A trip down memory lane is only a corner away at Lansing Corners Supper Club, 270187 US Hwy. 218 in Austin, MN.
Tammy Jeno and her husband, Ward, lived in California for the last five years. Missing their 10 grandchildren in Minnesota, the couple wanted to find a way to be closer to their loved ones.
“We missed them,” Jeno said. “We kept looking for jobs and couldn’t find anything. So, we said, ‘Let’s open up a restaurant.’”
While hunting for property in Minnesota – Ward is originally from Medford – the Jenos discovered a property listing that included a 5-acre homestead, a house, and the Lansing Corners building of 13,000 square feet. The Wards’ search was over.
“It was a cheap price,” Jeno said. “Normally, when you buy a business like that you just lease the building. This is ours. We bought the whole caboodle, the house and the restaurant.”
A grand opening took place Aug. 15.
The building has had several different identities, having originally opened in 1938 as a gas station and diner. Then a restaurant, an event center, and The Corners Bar and Grill in 2014.
Interest in the supper club returning to Mower County spread like wildfire. Every so often, a friend or passerby would pop in and ask Jeno if the restaurant was opening any time soon. The escalation of anticipation from patrons was a little overwhelming, but Jeno was determined to bring Lansing Corners back to its glory days, but with some of their own personal touches.
“It’s kind of nice,” she said. “It’s kind of scary what the grand opening will be like.”
Supper clubs, Jeno said, appeared to be a “dying breed.” The term refers to a type of old-fashioned dining establishment that acts as a social club and had its start possibly in the 20th century.
“We wanted to bring it back the way it used to be,” she said. “Not being moved in and out like cattle, and shoved out the door. It’s where your locals come meet, meet new people, and they’re not being rushed out the door.”
For the last month, the Jenos and their friends and family, have been working hard to clean and paint the building to prep it for patrons. New curtains are hung and two bars were established. One will be situated in the back and another in the ballroom. A salad bar was also purchased. Eventually, the owners hope to install nicer wooden floors, and keep the decorations simple.
In other words, it’s been a hectic month.
“They did not leave this place pretty,” Jeno said. “It was dirty and disgusting. We had a big family day where people here were scrubbing things inside and out. It’s been stressful, with a lot of family and friends, it’s been a big help.”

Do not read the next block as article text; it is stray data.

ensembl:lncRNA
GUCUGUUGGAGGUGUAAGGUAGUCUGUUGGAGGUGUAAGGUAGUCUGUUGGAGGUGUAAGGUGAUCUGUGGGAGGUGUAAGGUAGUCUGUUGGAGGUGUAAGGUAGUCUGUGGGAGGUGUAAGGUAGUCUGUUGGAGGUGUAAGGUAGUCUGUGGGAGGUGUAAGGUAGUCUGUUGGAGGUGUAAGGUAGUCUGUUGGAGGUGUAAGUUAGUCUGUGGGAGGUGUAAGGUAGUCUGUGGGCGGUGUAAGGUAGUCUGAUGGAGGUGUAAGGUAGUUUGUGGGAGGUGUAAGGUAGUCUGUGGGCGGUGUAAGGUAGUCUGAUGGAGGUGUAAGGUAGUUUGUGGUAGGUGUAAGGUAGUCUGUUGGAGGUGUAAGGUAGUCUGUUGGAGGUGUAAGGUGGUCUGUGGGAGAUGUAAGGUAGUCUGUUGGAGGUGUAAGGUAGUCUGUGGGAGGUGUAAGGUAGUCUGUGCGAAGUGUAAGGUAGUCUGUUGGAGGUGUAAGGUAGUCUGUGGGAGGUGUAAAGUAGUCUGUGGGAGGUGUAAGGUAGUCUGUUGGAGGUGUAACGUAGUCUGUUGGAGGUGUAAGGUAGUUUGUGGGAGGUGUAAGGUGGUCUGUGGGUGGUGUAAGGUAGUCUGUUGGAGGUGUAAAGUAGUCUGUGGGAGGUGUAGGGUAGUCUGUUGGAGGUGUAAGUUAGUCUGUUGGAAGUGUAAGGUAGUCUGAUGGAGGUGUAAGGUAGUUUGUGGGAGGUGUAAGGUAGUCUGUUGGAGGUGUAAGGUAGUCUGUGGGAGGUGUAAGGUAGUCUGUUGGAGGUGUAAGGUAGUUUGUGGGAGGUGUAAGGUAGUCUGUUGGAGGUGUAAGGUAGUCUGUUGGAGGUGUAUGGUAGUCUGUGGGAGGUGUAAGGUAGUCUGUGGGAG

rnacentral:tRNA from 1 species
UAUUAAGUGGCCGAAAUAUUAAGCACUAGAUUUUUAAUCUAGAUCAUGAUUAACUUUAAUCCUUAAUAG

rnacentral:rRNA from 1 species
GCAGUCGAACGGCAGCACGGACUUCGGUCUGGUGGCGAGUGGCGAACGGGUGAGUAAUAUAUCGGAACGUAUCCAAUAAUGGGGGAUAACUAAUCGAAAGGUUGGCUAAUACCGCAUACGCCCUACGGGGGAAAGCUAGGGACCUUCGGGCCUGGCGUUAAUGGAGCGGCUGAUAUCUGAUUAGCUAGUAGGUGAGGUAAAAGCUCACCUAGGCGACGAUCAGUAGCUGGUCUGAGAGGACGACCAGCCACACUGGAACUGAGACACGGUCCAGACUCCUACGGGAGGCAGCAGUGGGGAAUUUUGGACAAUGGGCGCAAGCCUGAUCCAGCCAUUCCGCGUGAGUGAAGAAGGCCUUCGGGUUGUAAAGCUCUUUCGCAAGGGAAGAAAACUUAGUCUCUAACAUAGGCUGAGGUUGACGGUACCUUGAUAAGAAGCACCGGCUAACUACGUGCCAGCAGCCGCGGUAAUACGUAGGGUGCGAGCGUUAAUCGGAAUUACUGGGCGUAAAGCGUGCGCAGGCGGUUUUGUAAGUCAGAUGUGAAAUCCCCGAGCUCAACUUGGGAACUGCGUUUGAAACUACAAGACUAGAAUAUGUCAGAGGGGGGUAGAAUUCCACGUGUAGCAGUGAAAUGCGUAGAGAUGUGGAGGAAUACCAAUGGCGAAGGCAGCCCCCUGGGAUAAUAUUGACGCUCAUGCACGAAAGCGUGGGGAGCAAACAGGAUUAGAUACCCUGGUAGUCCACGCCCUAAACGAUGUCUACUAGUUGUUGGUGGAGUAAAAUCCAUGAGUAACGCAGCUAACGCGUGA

There’s an upstairs party room that holds 70 people, and the ballroom can hold around 225.
The idea was to offer drinks and freshly-made bread to those waiting in the ballroom before being able to be seated in the dining room – which seats 126 people comfortably, including the bar area – as a way to help make wait more pleasant as opposed to sitting or standing outside.
“We want to give them that option,” Jeno added. “We don’t wanna feed them in the ballroom. We gotta be realistic, and we can’t support 400 people at a time. So, we’re only feeding them in the dining room. We don’t want to turn people away.”
Around 17 people were hired to work at the restaurant, including three chefs that will be working the kitchen to serve some of Lansing Corners most sought-after items for former patrons, such as the popular haddock; and original owner, Ron Valentine’s famous baked beans, made from his secret recipe that was bestowed onto the Jenos.
Otherwise, the food will be kept simple, so that they can be concentrated on for specials. There’s even hopes to serve brunch, express lunch.
“I wanna see what the customers like. The supper club will be bringing you homemade cooked foods,” Jeno added. “You have a huge expansive menu . . . you can’t keep stuff fresh that way.”
The couple also has dreams to offer a beer and wine tasting room, and host events for those interested in having a “girl or guys” night out. Once time has settled, the Jenos hope to open for breakfast, Sunday brunch, and buffet express lunch for those out on the road.
There’s also hopes to begin hosting outdoor weddings on the homestead with a wooden gazebo in the works, for those looking to get married,. The popularity of the venue was evident when a wedding already took place earlier this month – Jeno attributes it to popularity with the low cost of renting the event center for $500 – with six or seven events happening or booked for this fall and winter.
While there are many ambitions and dreams for Lansing Corners, Jeno mostly wants it to be a place where people can sit down and have a conversation, taking their own sweet time with a good meal.
“I don’t care about making extra money. I want to have fun, you know?” she said. “As long as you work hard and pay the bills. I want this to be one of those places where you’re at home.”